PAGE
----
Purchase this article with an account.
Tatsuma Kishimoto, Ken Fukuda, Waka Ishida, Atsuki Fukushima; The interaction between dry eye disease and allergic conjunctivitis in mice. Invest. Ophthalmol. Vis. Sci. 2018;59(9):120.
Download citation file:
© ARVO (1962-2015); The Authors (2016-present)
Both dry eye disease and allergic conjunctivitis are inflammatory diseases at the ocular surface. Dry eye disease is often associated with allergic conjunctivitis. However, the interaction of these diseases has not been examined extensively. We investigated the roles of dry eye disease on allergic conjunctivitis using animal model.
To induce allergic conjunctivitis, BALB/c mice were sensitised with ovalbumin (OVA) in alum three times intraperitoneally at a 7-day interval. Twenty days after the initial sensitization, the mice were challenged with OVA in eye drop. Control mice received sensitization but were challenged with phosphate buffered saline (PBS). Twenty minutes after the last challenge, the clinical appearance including hyperemia, edema, discharge, and eyelid swelling was evaluated. Twenty-four hours later, the conjunctivas were collected to determine the number of infiltrated eosinophils. To induce dry eye, extraorbital lacrimal glands were excised a day before the initial sensitizeation of OVA, and the amount of tear fluid and corneal fluorescein scores for corneal epithelial disorder were evaluated. Control mice were sham treated.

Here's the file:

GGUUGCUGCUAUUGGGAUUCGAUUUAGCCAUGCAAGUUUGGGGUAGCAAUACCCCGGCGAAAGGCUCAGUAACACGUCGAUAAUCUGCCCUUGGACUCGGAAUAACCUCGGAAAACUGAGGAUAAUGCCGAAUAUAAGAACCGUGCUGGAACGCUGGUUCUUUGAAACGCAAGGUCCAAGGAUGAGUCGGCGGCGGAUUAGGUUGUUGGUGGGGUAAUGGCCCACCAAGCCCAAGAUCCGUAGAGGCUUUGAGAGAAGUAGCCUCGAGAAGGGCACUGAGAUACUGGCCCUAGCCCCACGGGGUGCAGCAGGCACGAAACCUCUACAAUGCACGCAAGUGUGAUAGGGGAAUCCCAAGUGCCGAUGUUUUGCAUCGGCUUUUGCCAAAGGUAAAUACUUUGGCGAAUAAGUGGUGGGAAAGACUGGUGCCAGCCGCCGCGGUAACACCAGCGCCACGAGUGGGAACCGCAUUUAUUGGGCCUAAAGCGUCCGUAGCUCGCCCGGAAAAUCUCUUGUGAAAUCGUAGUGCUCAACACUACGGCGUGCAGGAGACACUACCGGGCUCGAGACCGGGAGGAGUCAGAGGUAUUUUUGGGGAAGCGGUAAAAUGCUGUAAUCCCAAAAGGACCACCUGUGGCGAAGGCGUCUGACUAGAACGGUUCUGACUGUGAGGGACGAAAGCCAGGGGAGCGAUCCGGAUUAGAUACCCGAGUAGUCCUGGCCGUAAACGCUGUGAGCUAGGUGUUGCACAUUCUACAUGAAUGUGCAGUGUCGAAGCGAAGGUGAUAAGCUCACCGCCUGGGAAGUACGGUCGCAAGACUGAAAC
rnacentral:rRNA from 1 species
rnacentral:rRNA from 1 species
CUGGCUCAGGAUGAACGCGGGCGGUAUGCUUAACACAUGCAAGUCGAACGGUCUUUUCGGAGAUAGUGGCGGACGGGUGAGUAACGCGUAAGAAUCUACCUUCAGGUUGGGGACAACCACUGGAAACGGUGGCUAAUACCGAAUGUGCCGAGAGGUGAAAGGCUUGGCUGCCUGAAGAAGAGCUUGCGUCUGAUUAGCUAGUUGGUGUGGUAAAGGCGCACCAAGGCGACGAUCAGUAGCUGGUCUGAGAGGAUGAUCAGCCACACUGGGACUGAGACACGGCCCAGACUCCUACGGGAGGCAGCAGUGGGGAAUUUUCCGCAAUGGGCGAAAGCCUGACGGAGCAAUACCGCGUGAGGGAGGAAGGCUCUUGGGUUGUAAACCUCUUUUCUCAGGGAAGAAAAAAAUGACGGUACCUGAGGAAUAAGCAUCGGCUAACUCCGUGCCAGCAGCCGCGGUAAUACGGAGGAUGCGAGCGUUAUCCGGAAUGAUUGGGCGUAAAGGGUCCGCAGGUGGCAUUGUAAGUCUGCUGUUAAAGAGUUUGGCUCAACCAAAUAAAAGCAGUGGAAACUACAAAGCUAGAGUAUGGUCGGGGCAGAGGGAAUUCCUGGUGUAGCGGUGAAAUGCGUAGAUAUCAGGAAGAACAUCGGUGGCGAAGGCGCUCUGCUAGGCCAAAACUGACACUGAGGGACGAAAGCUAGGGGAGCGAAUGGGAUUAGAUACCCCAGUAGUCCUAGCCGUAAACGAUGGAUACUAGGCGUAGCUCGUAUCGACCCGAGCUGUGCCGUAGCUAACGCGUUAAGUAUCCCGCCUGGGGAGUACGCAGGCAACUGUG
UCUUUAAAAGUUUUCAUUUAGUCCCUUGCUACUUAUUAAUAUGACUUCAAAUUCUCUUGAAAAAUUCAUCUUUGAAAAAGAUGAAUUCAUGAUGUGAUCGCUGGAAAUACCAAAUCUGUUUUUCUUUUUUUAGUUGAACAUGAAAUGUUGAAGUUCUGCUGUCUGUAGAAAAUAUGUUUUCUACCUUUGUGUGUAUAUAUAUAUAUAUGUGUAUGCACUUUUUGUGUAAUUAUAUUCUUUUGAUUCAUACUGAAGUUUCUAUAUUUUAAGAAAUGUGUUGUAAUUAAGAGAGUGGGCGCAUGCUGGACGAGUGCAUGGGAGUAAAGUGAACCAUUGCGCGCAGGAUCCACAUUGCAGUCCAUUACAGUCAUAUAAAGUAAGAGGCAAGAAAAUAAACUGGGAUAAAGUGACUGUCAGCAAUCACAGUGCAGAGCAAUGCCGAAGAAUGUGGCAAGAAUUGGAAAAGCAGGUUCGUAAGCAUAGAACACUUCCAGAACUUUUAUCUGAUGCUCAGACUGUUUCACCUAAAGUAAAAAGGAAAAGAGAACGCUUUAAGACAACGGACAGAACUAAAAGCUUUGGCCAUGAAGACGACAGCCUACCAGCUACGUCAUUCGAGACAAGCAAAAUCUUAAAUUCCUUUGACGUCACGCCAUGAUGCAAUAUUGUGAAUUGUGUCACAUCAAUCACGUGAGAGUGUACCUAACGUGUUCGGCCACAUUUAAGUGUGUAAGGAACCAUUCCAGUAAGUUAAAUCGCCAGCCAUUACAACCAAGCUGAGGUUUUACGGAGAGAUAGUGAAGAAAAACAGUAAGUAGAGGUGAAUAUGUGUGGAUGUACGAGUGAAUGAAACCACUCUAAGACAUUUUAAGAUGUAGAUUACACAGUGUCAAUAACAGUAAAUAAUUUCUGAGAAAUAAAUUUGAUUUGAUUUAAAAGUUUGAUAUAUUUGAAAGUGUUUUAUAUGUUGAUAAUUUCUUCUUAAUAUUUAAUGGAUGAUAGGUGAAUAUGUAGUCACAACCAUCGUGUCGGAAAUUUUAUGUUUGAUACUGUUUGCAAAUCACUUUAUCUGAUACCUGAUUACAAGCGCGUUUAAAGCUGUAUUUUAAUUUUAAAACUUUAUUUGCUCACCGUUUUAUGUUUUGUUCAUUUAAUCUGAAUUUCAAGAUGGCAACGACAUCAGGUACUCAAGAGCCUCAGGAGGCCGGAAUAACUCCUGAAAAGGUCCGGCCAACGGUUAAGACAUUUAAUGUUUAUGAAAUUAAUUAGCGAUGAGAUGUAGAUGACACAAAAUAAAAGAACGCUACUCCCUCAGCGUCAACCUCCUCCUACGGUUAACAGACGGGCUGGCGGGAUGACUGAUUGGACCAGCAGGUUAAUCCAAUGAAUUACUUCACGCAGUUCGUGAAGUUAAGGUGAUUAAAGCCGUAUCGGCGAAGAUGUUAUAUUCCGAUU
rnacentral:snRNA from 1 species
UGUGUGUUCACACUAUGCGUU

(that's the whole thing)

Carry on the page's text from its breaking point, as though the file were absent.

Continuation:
The amount of tear fluids decreased significantly in mice excised lacrimal glands regardless of the induction of allergic conjunctivitis. Corneal fluorescein scores was significantly increased in mice excised lacrimal glands and further increased in allergy-induced mice than in control mice. Clinical score of early-phase reaction was increased in allergy-induced mice than mice with PBS administration. Hyperemia and edema in clinical scores were further elevated in dry eye mice than sham-treated mice. The number of infiltrated eosinophils in conjunctiva was significantly increased in allergy-induced mice but further increase was not observed with or without dry eye.
These results indicate that the combination of dry eye and allergic conjunctivitis leads to exacerbation of corneal epithelial damages and allergic symptoms presumably mediated by barrier disruption of ocular surface.
This is an abstract that was submitted for the 2018 ARVO Annual Meeting, held in Honolulu, Hawaii, April 29 - May 3, 2018.
This PDF is available to Subscribers Only